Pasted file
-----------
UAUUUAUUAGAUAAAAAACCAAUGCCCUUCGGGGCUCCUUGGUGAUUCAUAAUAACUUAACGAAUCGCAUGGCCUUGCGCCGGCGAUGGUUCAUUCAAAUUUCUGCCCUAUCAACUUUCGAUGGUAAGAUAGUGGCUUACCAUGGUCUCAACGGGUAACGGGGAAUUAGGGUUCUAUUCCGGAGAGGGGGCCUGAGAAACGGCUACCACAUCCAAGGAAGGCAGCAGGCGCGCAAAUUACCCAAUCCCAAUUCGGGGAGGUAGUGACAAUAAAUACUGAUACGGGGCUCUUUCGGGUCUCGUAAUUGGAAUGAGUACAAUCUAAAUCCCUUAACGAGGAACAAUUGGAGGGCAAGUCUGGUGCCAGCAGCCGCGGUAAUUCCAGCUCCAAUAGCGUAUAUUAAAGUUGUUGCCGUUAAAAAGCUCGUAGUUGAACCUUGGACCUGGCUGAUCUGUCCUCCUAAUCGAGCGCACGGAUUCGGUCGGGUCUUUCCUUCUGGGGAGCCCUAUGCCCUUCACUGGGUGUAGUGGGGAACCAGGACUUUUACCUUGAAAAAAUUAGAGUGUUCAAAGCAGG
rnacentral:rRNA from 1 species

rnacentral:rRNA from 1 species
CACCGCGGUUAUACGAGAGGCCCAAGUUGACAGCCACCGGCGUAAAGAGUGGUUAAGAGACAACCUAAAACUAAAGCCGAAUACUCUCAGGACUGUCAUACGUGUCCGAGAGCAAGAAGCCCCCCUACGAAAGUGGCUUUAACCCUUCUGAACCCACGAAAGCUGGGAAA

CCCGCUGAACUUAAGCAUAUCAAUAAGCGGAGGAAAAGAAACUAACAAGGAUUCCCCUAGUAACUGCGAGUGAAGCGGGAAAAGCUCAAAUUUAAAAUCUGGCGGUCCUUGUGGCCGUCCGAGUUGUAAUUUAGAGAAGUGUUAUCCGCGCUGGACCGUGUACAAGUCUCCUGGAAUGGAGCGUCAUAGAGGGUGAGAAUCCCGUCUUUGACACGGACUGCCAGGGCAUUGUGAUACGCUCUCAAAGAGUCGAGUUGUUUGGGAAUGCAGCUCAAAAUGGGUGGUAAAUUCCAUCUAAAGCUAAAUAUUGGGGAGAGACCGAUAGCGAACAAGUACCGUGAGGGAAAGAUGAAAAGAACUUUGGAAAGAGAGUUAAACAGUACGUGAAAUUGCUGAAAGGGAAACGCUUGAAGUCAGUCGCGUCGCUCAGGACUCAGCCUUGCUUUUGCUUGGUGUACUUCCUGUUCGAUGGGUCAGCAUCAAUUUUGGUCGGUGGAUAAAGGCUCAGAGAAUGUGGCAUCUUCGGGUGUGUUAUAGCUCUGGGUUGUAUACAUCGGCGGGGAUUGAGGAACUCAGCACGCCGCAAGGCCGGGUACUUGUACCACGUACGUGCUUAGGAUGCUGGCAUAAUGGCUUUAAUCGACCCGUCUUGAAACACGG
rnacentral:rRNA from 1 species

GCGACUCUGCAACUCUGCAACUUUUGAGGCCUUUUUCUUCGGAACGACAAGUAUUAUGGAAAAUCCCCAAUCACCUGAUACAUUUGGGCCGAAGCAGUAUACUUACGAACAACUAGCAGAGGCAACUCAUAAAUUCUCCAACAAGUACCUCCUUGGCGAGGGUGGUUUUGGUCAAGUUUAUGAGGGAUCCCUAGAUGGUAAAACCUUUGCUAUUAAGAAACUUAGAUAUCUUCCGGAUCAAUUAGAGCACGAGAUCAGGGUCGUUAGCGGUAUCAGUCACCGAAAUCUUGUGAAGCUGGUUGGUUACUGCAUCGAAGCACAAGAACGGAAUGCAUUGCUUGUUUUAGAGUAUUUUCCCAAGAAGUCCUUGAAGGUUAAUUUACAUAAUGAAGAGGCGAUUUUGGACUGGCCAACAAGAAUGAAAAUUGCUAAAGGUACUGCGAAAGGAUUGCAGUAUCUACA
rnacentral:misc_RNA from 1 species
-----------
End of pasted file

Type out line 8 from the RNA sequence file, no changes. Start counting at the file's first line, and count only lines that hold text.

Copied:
rnacentral:misc_RNA from 1 species